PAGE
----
dev java, machine_learning

Another data mining algorithm: AGNES (Agglomerative Nesting)

AGNES Algorithm

AGNES takes a different approach than k-means which was the subject of my previous post. Initially it considers all data points as a separate cluster.

AGNES 1

Then finds the minimum distance between clusters and merges the closest clusters:

AGNES 2

The resulting cluster is added to the all cluster list the merged clusters are removed as they are no longer valid.

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dev csharp, machine_learning

I’m keeping on reviving my old projects. This is the second data mining algorithm implementation. It is another clustering algorithm called k-means.

k-means Algorithm

Algorithm groups and creates k clusters from n data points. First the cluster centres are picked randomly from the data points. Then the entire dataset is iterated and all points are assigned to their closest cluster. Closest cluster is determined by measuring the distance of the data point to the centroid of the clusters. This process is repeated until there is no change in the dataset and all points are assigned to the closest ones.

K-means Results

Implementation

The project contains 6 libraries:

  • VP.KMeans.Core: Core library including the algorithm implementation
  • VP.KMeansClient.GUI: User interface for entering the parameters and plotting the clusters
  • VP.KMeansClient.Console: Console user interface. No fancy plots, just an output file is generated
  • VP.KMeans.DataGenerator.Core: Library to generate test data
  • VP.KMeans.DataGenerator.Console: Console application to feed the core library to generate test data
  • CPI.Plot3D: External library to plot the results

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dev java, data_mining

I was digging through some old projects and found out the Data Mining and Machine Learning projects I implemented. Instead of letting them gather dust(!) in the hard disk I decided to review and publish the source code. This will also give me a chance to revise my data mining knowledge. Let’s start with Apriori algorithm.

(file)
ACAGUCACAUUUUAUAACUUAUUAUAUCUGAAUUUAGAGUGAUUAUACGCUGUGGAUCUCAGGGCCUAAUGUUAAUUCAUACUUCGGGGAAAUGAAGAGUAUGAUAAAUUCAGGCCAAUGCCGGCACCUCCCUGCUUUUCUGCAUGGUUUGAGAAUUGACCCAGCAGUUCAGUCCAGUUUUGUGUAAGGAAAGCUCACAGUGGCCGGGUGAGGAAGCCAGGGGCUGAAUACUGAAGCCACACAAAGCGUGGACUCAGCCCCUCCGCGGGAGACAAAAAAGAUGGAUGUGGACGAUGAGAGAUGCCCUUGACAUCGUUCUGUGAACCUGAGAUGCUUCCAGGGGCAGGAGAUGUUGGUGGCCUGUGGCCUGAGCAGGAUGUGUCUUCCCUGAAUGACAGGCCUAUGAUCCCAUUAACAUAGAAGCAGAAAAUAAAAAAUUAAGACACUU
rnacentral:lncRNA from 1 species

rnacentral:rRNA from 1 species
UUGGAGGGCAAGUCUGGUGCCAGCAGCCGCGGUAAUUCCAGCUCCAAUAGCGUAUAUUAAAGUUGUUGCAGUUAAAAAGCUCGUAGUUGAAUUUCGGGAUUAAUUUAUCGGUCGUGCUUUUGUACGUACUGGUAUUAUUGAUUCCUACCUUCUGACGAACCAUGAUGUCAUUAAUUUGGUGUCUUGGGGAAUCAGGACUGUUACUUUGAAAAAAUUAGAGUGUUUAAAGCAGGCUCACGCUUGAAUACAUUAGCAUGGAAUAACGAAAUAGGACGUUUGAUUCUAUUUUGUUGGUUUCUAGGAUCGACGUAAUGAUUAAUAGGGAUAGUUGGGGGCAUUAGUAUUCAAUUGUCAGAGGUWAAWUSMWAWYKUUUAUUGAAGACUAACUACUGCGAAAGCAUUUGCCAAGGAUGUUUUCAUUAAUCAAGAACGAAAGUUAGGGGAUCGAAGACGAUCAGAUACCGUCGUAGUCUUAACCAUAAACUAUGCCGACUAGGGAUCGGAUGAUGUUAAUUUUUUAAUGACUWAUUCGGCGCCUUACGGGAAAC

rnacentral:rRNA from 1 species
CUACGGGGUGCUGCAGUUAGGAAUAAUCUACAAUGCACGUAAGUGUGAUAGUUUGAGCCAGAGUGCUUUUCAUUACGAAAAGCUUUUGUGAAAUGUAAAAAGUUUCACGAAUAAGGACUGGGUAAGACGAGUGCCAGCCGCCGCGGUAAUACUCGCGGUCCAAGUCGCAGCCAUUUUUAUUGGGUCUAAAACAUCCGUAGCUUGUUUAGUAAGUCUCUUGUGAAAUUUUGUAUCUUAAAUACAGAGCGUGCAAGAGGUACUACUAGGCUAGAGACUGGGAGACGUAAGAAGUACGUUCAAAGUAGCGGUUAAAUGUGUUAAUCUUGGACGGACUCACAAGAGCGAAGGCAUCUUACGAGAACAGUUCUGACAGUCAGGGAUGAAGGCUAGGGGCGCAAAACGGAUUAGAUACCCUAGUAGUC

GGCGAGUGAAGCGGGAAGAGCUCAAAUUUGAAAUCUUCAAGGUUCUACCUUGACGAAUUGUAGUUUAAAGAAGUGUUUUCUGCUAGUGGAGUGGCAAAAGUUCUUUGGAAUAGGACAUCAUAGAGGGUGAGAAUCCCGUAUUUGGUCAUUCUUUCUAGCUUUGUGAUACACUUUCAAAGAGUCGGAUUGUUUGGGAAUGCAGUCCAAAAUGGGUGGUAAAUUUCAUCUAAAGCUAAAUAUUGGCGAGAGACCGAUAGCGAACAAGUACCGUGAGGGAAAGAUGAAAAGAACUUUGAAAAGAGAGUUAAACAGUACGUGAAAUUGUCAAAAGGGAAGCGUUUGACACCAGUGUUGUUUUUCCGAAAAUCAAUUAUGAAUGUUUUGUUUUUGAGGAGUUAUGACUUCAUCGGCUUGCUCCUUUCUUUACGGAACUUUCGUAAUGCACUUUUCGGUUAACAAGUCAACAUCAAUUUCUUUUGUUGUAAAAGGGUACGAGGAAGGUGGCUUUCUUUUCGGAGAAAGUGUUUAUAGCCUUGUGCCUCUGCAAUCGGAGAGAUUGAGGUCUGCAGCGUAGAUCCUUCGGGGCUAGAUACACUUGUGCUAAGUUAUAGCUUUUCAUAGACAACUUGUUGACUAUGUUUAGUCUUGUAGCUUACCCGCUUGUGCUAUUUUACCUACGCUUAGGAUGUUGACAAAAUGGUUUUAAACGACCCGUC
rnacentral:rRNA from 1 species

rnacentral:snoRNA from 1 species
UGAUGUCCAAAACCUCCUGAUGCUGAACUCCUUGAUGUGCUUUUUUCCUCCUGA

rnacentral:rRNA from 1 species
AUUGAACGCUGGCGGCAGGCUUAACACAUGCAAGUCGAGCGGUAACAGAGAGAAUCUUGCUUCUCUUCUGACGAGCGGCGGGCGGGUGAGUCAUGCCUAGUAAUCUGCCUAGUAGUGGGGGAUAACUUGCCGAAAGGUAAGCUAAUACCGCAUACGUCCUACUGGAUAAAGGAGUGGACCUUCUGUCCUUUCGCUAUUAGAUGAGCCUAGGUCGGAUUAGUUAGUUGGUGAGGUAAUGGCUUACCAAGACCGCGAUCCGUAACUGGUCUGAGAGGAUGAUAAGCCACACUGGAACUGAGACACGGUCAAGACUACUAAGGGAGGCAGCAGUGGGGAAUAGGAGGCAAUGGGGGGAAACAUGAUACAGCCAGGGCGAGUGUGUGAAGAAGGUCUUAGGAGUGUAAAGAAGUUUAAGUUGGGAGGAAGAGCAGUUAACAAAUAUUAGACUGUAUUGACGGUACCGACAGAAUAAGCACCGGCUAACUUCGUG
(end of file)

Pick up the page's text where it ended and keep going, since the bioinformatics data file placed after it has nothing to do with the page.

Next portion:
Apriori Algorithm

It is an algorithm to determine to most frequent items in a given collection. The term “frequent” is defined by a given threshold or “minimum support count”.

Implementation

The project is implemented in Java. It uses a Hashtable to keep count of itemsets in the database. The algorithm starts with finding the most frequent 1-item sets first. Then using the previous most frequent item list of item size k, it generates candidate item list of size k+1.

For example, for the sample data below and a threshold 4, 1,2,3,4,5 are all frequent 1-itemsets. From this list we generate a 2-item candidate list (all 10 combinations) and check if the subsets are also frequent. For 1-itemsets they are all frequent so they all pass pruning. Then we count the occurences of these candidates. Only 7 of them are equal to or greater than the threshold. From this list we generate our 3-item candidates. Such as 1,2 and 1,4 combined to generate 1,2,4. Then we count the occurrence of 3-itemsets and prune the results by checking all of its subsets.

Apriori Check Subsets

The idea of pruning is if the there are some infrequent subsets inside an itemset then the larger set cannot be frequent so it is removed from the candidate list. (1,2,3 is a candidate but as 2,3 is not a frequent 2-itemset it is removed from the candidate list) This process helps improve the performance of the algorithm as it reduced the number of iterations.

Output

1,3,4,5

1,2,4,5

1,2,4

1,3

3

1,5

1

3

1,3,5

4

1,2,4

2

1,2

3,4

3,5

1,3,4

2

3,5

1,2,3,4

Results:

Apriori Results

Source Code

I created a public repository for the source code. You can check it out here if it tickles your fancy!

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